The record in this case clearly shows that the charge of Robinson's prior narcotics convictions shown by the information filed in August 25, 1952, came as no surprise to either Robinson or his attorney. On July 16, 1952, when Robinson was arraigned he was present in person and by the same counsel who appeared with him on the day he was sentenced. The transcript of the proceedings on the day Robinson was arraigned shows that the United States Attorney then stated to the court that Robinson had a long criminal record including "seven prior federal narcotics violations." The transcript shows no objection to the statement by either Robinson or his attorney.
Ten days later, on July 25, 1952, when the case against Robinson was first called up for disposition, the defendant's attorney in the presence of the defendant asked for a continuance, assigning as his reason, "I understand Mr. Robinson has seven prior convictions for narcotics * * *. Consequently the disposition in this case is a far more serious thing to Mr. Robinson than I thought it would be."
The defendant in this case was not a person unfamiliar with the courts nor was he afraid to speak out in his own behalf. When he heard the court announce his sentence of twenty years he immediately addressed the judge and asked him to be "more lenient than that."
Prior to the 1951 Amendments, the narcotics laws required that where an information showing prior conviction was filed the court should cause the defendant to appear before it and inform him of the allegations of the information and of his right to a trial by jury as to the truth thereof, and the law then expressly required that: "The court shall inquire of the defendant whether he is the person who has previously been convicted. If the defendant states he is not such person, or if he refuses to answer or remains silent, a plea of not guilty shall be entered by the court, and a jury shall be empaneled to determine whether the defendant is the person alleged in the information to have previously been convicted, and the number of such previous convictions."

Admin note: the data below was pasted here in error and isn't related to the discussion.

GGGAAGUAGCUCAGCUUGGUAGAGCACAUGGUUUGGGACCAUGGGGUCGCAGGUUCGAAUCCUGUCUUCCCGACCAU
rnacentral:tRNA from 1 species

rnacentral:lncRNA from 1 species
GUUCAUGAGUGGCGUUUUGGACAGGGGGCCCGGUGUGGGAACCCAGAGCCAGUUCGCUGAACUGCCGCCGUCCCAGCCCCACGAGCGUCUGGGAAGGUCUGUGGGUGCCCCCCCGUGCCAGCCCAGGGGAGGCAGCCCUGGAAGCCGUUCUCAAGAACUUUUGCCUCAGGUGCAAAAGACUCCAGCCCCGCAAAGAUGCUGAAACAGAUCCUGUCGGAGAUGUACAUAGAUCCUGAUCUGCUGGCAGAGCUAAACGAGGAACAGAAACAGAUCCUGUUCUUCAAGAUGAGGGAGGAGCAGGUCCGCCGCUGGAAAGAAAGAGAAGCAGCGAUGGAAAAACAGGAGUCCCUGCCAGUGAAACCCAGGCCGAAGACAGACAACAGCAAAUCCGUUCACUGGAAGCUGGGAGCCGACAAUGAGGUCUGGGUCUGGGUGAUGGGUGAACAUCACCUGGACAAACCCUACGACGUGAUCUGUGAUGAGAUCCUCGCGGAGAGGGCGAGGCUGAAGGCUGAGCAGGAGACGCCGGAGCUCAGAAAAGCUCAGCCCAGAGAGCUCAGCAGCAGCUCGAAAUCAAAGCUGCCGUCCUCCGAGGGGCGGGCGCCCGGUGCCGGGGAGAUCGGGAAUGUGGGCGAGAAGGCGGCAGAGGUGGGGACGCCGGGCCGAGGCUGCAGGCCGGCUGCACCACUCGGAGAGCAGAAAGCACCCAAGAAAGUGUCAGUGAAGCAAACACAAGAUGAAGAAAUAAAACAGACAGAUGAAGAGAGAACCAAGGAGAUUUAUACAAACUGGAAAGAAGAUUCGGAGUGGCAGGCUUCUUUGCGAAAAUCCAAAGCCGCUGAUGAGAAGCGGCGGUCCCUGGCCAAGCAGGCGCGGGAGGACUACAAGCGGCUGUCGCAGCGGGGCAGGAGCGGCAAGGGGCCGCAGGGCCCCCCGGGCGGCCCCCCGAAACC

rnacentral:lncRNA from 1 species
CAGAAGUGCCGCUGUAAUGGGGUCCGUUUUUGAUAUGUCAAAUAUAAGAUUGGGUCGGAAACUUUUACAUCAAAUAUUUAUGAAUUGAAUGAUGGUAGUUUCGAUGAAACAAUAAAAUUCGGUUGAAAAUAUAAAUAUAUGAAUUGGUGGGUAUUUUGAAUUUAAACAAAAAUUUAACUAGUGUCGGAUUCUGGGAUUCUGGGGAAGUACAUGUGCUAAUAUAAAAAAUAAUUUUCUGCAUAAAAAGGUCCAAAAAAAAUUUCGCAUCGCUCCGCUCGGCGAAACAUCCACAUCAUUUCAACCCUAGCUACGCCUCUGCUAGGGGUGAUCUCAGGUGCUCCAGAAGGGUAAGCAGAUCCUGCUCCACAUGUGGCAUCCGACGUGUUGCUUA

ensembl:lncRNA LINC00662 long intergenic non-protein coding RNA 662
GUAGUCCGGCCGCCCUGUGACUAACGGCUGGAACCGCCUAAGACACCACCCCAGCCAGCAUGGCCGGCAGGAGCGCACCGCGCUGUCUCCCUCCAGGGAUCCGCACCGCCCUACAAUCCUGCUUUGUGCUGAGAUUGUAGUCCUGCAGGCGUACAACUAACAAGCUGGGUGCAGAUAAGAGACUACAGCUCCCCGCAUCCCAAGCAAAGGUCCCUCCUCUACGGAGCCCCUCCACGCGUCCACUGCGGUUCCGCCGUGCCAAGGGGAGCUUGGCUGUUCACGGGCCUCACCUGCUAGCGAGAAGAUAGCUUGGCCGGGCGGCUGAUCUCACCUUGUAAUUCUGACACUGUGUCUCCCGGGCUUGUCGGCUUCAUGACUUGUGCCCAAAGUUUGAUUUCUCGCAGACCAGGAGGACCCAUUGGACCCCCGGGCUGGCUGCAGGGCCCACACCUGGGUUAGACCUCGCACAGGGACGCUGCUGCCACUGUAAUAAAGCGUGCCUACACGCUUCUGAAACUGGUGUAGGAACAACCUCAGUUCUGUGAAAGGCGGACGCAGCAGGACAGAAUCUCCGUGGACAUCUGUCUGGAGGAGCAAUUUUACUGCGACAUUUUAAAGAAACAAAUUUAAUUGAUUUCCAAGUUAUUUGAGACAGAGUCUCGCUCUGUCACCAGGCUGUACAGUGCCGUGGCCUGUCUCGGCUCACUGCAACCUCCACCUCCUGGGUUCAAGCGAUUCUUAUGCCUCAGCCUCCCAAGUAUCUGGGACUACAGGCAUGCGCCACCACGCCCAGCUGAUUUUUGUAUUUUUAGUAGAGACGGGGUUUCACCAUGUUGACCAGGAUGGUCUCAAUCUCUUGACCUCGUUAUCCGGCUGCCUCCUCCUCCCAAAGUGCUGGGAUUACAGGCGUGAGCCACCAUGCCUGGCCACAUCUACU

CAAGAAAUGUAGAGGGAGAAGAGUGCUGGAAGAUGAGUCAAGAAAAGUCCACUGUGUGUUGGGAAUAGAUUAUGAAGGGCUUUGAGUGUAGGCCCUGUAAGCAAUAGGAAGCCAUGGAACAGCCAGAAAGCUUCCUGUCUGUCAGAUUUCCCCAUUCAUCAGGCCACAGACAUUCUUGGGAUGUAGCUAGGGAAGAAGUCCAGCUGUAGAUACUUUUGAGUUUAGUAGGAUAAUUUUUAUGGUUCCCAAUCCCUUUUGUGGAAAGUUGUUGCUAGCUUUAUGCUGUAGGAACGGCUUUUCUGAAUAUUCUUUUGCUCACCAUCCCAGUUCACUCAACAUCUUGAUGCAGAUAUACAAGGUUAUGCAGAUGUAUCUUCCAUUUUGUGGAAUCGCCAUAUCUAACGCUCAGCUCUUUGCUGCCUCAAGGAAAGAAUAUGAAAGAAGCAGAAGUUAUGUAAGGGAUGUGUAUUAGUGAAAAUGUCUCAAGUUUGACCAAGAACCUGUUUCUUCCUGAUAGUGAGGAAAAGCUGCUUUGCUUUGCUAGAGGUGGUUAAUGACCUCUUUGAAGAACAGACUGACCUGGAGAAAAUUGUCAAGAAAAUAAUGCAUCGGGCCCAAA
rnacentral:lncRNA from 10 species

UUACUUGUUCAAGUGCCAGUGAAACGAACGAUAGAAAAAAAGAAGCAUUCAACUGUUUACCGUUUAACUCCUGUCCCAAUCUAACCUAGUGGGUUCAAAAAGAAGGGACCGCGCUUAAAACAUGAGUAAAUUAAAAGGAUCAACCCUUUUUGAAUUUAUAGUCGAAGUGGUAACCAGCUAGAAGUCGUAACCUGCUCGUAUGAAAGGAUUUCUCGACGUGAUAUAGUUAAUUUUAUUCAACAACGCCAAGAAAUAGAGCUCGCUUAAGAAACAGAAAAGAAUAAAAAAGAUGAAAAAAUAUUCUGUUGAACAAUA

These specific requirements were omitted from the law as it was amended in 1951 and instead of those specific requirements we now have only the requirement that the defendant "shall have the opportunity in open court to affirm or deny that he is identical with the person previously convicted." 26 U.S.C.A. § 2557(b)(1). The obvious intention of the Congress in so amending the law was the simplify the procedure in showing prior convictions and in sentencing defendants against whom multiple prior convictions are shown.
While it might be better practice and avoid attacks such as this on the judgment for the court or the United States Attorney to expressly ask a defendant in a case where there have been prior convictions if the defendant is the same person, we think the record here clearly shows that Robinson had the opportunity to affirm or deny in open court that he was the same person against whom the prior convictions were shown. We think the record here shows that the defendant and his attorney by their words and actions in court acknowledged that Robinson was the defendant in the prior convictions which were alleged in the information.
We think the motions and the files and the record in each of these cases conclusively show that the prisoners Kapsalis and Robinson were entitled to no relief and their motions were, therefore, properly dismissed without a hearing.
Kenneth J. Burns, Jr., a member of the Chicago bar, was appointed to represent these two defendants in this court. He has ably presented the defendants' cases both in written briefs and in oral argument. We appreciate the valuable assistance he has rendered.
The judgment of the District Court in each case is